Published March 13, 2010
KANSAS CITY, Mo. (AP) — Marcus Morris had 18 points, Tyrel Reed added 15 and No. 1 Kansas held off No. 9 Kansas State down the stretch for a 72-64 victory and its seventh Big 12 tournament title Saturday night.
Kansas (32-2) labored through a physical, defense-dominated first half and used a small spurt midway through the second to beat its in-state rivals for the third time this season. Coming off a sixth straight regular-season title, the Jayhawks will likely be the No. 1 overall seed in the NCAA tournament when the brackets are announced Sunday.
Kansas State (26-7) had never beaten Kansas in six tries at the Big 12 tournament and had lost 40 of 42 meetings since 1994, but had hopes of winning its first conference championship since 1980. Instead, the Wildcats go into Selection Sunday still hoping for a high seed after setting a record for wins this season.
Denis Clemente had 17 points, Jamar Samuels 14 and Jacob Pullen added 13 for K-State.
Tournament MVP Sherron Collins had 12 points and seven assists for Kansas.
The two regular-season meetings were among the biggest in the rivalry's 103-year history.
The opening act was in the Little Apple, where Kansas squeezed out a taut overtime victory that was among the best games of the college basketball season.
Part II was pre-billed as one of the greatest Sunflower Showdowns ever, the teams ranked in the top 5 against each other for the first time in 52 years. It was a bit of a flop, Kansas winning easily in Collins' Allen Fieldhouse finale.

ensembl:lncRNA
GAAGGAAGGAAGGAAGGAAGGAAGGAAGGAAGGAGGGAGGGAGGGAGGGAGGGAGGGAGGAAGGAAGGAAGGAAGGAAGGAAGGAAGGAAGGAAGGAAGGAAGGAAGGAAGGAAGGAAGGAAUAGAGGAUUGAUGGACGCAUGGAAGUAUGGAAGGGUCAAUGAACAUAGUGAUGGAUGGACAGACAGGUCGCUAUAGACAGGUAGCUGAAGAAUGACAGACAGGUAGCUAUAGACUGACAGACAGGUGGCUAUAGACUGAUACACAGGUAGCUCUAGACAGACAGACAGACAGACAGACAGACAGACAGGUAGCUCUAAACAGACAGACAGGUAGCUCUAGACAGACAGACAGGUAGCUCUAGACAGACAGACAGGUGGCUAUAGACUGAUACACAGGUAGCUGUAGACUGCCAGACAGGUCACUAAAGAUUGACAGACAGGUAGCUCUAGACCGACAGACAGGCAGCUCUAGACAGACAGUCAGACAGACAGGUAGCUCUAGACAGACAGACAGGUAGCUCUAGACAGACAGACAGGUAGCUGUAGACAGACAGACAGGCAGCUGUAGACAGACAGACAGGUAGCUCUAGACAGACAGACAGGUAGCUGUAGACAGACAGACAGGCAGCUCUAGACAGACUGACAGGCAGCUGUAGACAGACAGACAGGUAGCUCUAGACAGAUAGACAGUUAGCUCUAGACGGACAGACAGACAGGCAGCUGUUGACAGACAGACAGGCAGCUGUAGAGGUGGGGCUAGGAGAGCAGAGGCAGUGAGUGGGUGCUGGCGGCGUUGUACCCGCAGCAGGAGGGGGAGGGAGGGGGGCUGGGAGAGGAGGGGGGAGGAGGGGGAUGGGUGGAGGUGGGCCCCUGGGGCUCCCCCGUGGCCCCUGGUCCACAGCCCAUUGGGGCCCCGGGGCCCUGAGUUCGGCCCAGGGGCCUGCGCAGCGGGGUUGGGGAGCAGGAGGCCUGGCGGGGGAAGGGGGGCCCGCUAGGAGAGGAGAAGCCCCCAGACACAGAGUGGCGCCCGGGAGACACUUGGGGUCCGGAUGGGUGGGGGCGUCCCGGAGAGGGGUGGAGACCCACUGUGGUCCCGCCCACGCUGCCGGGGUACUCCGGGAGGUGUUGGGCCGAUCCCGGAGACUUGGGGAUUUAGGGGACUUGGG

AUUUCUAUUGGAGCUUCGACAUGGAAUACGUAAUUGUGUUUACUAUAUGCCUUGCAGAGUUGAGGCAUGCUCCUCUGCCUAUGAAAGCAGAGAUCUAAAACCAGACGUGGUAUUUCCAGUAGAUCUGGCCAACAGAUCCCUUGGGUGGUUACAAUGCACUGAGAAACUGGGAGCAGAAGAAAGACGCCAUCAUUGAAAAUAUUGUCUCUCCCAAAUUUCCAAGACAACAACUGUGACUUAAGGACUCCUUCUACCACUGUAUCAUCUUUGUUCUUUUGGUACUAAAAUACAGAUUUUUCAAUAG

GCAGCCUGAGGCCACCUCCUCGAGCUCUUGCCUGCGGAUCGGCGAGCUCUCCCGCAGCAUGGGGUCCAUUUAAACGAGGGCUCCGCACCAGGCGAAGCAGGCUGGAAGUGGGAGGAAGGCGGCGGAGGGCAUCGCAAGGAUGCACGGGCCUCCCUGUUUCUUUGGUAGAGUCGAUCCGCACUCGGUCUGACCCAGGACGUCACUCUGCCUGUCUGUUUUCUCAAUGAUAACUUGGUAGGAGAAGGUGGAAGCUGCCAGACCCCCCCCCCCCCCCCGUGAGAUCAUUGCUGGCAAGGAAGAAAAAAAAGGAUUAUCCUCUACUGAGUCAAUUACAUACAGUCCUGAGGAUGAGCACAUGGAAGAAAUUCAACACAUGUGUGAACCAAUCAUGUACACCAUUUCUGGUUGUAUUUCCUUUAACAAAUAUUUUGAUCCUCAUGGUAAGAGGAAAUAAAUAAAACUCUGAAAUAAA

The final act — well, barring a fourth in the NCAA tournament — was a rivalry intertwined with bigger prizes: another Big 12 tournament title for Kansas, K-State's first ever, a probable No. 1 seed in the NCAA tournament on the line, big-time bragging rights.
Even with less than 24 hours of buildup, it was a monumental event, one of the biggest in Kansas City sports history. Maybe not on the level of Danny and the Miracles winning a national title for Kansas at Kemper Arena in 1998 or the I-70 World Series won by the Royals three years earlier, but a top-fiver for sure.
The entire city was juiced for it, seemingly everyone wearing crimson or purple, talking smack in the mall, the grocery store.
The Power & Light District outside the Sprint Center was shoulder-to-shoulder two hours before the game. Inside was a purple-and-blue checkerboard of fans filling the 18,897-seat arena to the brim, the roars and boos colliding in a floor-shaking fury with each momentum swing.
What swings there were.
Mostly, it was a lot of missed shots, offensive fouls and not much separation.
Kansas State missed its first 12 attempts against KU's pressure before finally scoring on Wally Judge's tip 5:14 into the game. The Jayhawks had similar problems with Kansas State's overplaying defense, managing five points during the Wildcats' scoreless start.
The clangs continued throughout the first half and the teams combined to shoot 13 of 67, with Kansas clinging to a 31-27 lead.
The trend continued into the second half until Kansas started to find seams and the bottom of the net midway through.
Kansas pushed the lead to 62-52 on Collins' half-hook runner in the lane with just over five minutes left and answered every Kansas State challenge after that to go into the NCAA tournament with a head of steam.